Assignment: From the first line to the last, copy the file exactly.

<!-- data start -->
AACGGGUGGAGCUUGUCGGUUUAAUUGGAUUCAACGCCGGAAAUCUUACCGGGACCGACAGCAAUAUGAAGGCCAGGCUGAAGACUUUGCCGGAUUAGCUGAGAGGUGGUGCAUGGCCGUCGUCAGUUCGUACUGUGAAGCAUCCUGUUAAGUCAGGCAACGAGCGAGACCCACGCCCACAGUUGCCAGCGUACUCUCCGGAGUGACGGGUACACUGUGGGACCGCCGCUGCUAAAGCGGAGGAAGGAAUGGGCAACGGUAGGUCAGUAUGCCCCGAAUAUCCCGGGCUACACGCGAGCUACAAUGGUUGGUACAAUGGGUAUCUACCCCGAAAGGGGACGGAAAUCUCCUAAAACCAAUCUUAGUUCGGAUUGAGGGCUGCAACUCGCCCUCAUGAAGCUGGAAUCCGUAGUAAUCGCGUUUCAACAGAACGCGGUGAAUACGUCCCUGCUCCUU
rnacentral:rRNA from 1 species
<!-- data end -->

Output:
AACGGGUGGAGCUUGUCGGUUUAAUUGGAUUCAACGCCGGAAAUCUUACCGGGACCGACAGCAAUAUGAAGGCCAGGCUGAAGACUUUGCCGGAUUAGCUGAGAGGUGGUGCAUGGCCGUCGUCAGUUCGUACUGUGAAGCAUCCUGUUAAGUCAGGCAACGAGCGAGACCCACGCCCACAGUUGCCAGCGUACUCUCCGGAGUGACGGGUACACUGUGGGACCGCCGCUGCUAAAGCGGAGGAAGGAAUGGGCAACGGUAGGUCAGUAUGCCCCGAAUAUCCCGGGCUACACGCGAGCUACAAUGGUUGGUACAAUGGGUAUCUACCCCGAAAGGGGACGGAAAUCUCCUAAAACCAAUCUUAGUUCGGAUUGAGGGCUGCAACUCGCCCUCAUGAAGCUGGAAUCCGUAGUAAUCGCGUUUCAACAGAACGCGGUGAAUACGUCCCUGCUCCUU
rnacentral:rRNA from 1 species